On-prem Deployment Question

Can someone help me understand when it would be necessary or appropriate to include Logstash in a SIEM deployment? The Getting Started information suggests it's not a default component of a SIEM deployment and it may just be more advance scenarios when it is necessary/useful but I'm trying to avoid having to rearchitect our deployment later (if we were to start without LogStash.)

Thank you,
Jason

Hi @jasonwomack welcome to our discuss forum, and thanks for the post!

An optimal data ingestion architecture for your SIEM can depend on several factors that may be specific to your environment, such as the number of distinct data sources from which you want to collect events, the scale of events you expect to process in the SIEM, your organization's existing enterprise information architecture, the availability of parsers/shippers that format data into Elastic Common Schema (ECS) format, and your team's ability/willingness to create and maintain new parsers/shippers if necessary.

Elastic SIEM requires data (logs, events, alerts, etc.) to be normalized into ECS format. You can learn about ECS on our ECS documentation page, and there's a handy SIEM reference page that tells you which ECS fields the SIEM app relies upon.

The easiest way to accomplish ECS normalization is to use the Elastic-supplied Beats modules, which convert data from its original format into ECS format while shipping it into Elasticsearch, where the SIEM app can work on it. Beats can run directly on end systems, or you can designate a system in your environment on which you run Beats (e.g., Filebeat), then you can send logs from your systems to the Beats system for ECS conversion and shipment to Elasticsearch. You can find a list of currently available data source integrations on our Security Integrations web page.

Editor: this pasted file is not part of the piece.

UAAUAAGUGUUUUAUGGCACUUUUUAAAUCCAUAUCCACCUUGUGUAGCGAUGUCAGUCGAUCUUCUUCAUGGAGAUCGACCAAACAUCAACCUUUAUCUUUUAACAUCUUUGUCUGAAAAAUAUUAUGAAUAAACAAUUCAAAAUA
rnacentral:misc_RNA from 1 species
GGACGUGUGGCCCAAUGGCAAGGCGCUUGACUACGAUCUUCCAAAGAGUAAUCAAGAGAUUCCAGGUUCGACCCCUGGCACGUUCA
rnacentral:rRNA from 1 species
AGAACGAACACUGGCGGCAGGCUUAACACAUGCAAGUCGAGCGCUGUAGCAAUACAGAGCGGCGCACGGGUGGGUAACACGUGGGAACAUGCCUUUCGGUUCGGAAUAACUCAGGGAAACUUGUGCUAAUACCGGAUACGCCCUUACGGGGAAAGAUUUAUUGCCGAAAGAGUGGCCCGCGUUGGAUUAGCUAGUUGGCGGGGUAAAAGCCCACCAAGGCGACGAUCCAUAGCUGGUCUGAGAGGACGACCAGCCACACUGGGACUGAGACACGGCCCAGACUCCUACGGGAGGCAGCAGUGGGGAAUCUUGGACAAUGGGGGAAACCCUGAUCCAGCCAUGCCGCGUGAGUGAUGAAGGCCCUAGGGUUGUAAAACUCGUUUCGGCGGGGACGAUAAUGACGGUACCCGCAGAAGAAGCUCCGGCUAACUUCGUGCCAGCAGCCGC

If you don't find a Beats module for one of your data sources, you could also consider creating one yourself. Here's a good blog post that describes how one user created a new Filebeat module for their endpoint security product, so they could use it with Elastic SIEM.

Logstash is not required to use the SIEM app, and currently, may require more effort on your team's part to find/create Logstash configurations that can parse your data and convert it to ECS.

Logstash might be appropriate if your enterprise information architecture requires sending data streams to multiple analytics systems, or already uses message queueing, or has special requirements for ingest-time processing that only Logstash can perform.

Hope this is helpful, and please let us know how you're doing.

Thanks again,
Mike P.

Thank you, Mike. That is very helpful information.